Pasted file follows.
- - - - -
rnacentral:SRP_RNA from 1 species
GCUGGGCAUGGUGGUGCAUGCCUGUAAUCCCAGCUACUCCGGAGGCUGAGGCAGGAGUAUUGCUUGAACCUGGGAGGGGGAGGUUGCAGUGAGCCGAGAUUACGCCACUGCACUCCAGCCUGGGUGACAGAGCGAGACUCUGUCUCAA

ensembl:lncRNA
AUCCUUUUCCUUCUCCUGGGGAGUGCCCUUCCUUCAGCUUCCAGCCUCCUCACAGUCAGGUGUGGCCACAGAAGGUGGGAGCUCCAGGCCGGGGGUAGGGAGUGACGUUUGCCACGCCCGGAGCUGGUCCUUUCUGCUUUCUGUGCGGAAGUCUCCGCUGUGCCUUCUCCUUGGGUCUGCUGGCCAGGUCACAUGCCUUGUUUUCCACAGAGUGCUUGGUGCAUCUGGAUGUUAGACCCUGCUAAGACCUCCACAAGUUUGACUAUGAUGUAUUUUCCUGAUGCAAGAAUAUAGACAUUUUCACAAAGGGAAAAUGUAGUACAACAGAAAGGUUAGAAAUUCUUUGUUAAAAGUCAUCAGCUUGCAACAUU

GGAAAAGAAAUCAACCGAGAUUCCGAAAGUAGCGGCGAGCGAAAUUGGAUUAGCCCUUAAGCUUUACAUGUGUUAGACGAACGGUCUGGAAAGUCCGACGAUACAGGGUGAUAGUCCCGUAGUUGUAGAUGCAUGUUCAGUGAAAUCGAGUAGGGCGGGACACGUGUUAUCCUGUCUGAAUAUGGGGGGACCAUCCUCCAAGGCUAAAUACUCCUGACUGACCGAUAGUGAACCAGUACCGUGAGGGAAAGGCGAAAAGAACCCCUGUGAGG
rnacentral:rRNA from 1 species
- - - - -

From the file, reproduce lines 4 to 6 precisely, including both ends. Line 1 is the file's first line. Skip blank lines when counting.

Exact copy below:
AUCCUUUUCCUUCUCCUGGGGAGUGCCCUUCCUUCAGCUUCCAGCCUCCUCACAGUCAGGUGUGGCCACAGAAGGUGGGAGCUCCAGGCCGGGGGUAGGGAGUGACGUUUGCCACGCCCGGAGCUGGUCCUUUCUGCUUUCUGUGCGGAAGUCUCCGCUGUGCCUUCUCCUUGGGUCUGCUGGCCAGGUCACAUGCCUUGUUUUCCACAGAGUGCUUGGUGCAUCUGGAUGUUAGACCCUGCUAAGACCUCCACAAGUUUGACUAUGAUGUAUUUUCCUGAUGCAAGAAUAUAGACAUUUUCACAAAGGGAAAAUGUAGUACAACAGAAAGGUUAGAAAUUCUUUGUUAAAAGUCAUCAGCUUGCAACAUU

GGAAAAGAAAUCAACCGAGAUUCCGAAAGUAGCGGCGAGCGAAAUUGGAUUAGCCCUUAAGCUUUACAUGUGUUAGACGAACGGUCUGGAAAGUCCGACGAUACAGGGUGAUAGUCCCGUAGUUGUAGAUGCAUGUUCAGUGAAAUCGAGUAGGGCGGGACACGUGUUAUCCUGUCUGAAUAUGGGGGGACCAUCCUCCAAGGCUAAAUACUCCUGACUGACCGAUAGUGAACCAGUACCGUGAGGGAAAGGCGAAAAGAACCCCUGUGAGG
rnacentral:rRNA from 1 species